Monday, September 30, 2013

Mama, you lied to me

We pulled into the hospital parking lot with “Little Bear,” Clara’s stuffed teddy bear carefully tucked under her arms. The teddy bear’s name was a misnomer since he was not in fact very little, almost as tall as Clara’s torso. Clara and her bear had been anticipating this afternoon’s activity for several hours, and she had already dragged him with us to church, and she kept him on her lap throughout brunch, occasionally whispering to him reminders about what he could expect at the doctor’s office.

A local hospital offers an event called “Teddy Bear Clinic” where real doctors volunteer their time to help treat kids’ stuffed animals with bandages, x-rays, shots, stitches, and other remedies. The event is supposed to foster good will between children and doctors while educating children about the different departments in the hospital.

As I finally rounded the corner into the parking lot, I saw… absolutely nothing. No cars. No people. No doctors. No teddy bears. At first, I thought I had the wrong address, but when I checked online, I realized that the problem was instead the date. The Teddy Bear Clinic was scheduled for the following Sunday and I had mixed up the dates.

      “I’m so sorry, Clara,” I said, “but I got the date wrong. It is next Sunday, not today. We will have to come back next week.”

Understandably, a look of disappointment fell quickly across Clara’s face. “But a week is too long. I can’t wait that long,” she protested.

I tried to assure her that a week is not really that long, but she was not listening to any of my attempts at reason.

      “I’m sorry,” I said again. “I made a mistake.” I reminded her of the saying her teacher taught her last week about making mistakes. Clara recited her teacher’s quote about mistakes frequently during the week.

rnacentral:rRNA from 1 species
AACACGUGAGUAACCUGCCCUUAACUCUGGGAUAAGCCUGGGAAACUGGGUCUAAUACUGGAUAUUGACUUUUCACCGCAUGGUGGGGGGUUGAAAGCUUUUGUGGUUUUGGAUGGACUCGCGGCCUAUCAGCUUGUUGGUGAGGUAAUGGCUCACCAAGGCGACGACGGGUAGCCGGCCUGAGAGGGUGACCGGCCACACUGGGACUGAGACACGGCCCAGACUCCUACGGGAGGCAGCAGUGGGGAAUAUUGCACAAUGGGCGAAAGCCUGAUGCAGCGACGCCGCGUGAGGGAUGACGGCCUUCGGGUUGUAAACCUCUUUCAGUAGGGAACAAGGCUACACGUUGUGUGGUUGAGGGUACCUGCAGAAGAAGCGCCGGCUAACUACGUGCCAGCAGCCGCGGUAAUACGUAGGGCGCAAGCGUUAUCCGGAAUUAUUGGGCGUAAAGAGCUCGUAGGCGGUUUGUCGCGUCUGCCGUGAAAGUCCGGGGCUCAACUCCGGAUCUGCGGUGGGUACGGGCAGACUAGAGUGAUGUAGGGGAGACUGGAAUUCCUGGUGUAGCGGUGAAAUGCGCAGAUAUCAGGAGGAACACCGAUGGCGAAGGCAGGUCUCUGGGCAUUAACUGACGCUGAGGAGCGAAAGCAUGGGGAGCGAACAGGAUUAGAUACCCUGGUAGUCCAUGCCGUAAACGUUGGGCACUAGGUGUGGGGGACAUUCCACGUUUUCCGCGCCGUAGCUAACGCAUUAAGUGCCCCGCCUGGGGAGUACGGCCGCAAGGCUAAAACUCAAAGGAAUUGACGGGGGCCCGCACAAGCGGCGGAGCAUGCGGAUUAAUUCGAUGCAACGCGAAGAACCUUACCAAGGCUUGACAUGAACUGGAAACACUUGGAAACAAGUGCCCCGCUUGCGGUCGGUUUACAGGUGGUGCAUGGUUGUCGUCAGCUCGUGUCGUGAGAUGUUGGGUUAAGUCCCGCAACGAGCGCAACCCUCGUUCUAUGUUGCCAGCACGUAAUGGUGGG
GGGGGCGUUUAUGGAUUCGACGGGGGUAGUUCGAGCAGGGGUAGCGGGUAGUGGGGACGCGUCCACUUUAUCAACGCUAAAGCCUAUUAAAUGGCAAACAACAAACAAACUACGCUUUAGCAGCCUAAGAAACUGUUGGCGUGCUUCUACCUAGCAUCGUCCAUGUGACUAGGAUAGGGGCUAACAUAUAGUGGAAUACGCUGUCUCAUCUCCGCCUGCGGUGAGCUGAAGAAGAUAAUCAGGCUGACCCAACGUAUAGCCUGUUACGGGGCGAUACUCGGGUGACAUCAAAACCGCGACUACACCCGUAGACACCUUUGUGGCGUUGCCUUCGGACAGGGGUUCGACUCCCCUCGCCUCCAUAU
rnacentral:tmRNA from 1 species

“Do people make mistakes sometimes?” her teacher would ask and then there was a long pause until she bellowed, “ABSOLUTELY!”

Clara inevitably laughed every time she said “ABSOLUTELY.” I was hoping my reference to her teacher’s quote would help her to laugh a little.

     Instead, she turned even more serious. “This wasn’t a mistake, Mama, you lied to me.”

I was taken aback. I had never heard Clara use that word before, and I certainly did not want her to perceive me as a liar. I explained that I was not lying to her because I did not have the intention to mislead her. I, too, was shocked and disappointed to find an empty parking lot instead of dozens of doctors carefully tending to fluffy teddy bears.

Even though the context of this conflict was about a seemingly silly teddy bear event, it felt significant to me. It was the first time that Clara shared her disappointment about me as a parent directly. I remember the shocked feeling, especially, in my youngest years, at realizing that parents really don’t know everything and that they will make mistakes and disappoint, intentionally or not.

It annoyed me that Clara’s first disillusionment about my parenting happened at something as trivial as a teddy bear event and when I wasn’t even really lying. I think I would have felt better if she caught me in some grand, life-changing lie so she could really have something spectacular to share with her therapist years down the road.

Clara was quiet as she contemplated our conversation. She decided it was time for a confession.

     “I lied once,” she offered softly from the back seat.

     “Really? When?”

     “Remember last year when I told you that I didn’t put M&M’s in my ear AND I told Natasha not to tell any parents what we did? Well… we did put the M&M’s in our ears.”

I vaguely remembered this situation. Mostly, I remembered that the fine line of green chocolate circling the inner part of her ear gave away her first lie before she could find the words to confess. Although I had not thought of this incident for more than eight months; clearly, this lie was still lingering in Clara’s conscience.

As we drove away from the empty hospital parking lot, I saw in the rearview mirror that Clara was whispering again to Little Bear. I asked her what she was saying. Clara giggled softly as she explained that Little Bear was scared about going to the doctor and was grateful for one more week to work up the courage to go to the Teddy Bear Clinic. At least my mistake made Little Bear happy by biding him some time. 

And so it was that some M&Ms and a teddy bear clinic revealed Clara's first lie and my first taste of what it feels like for my little girl to lose just a little bit of faith in me.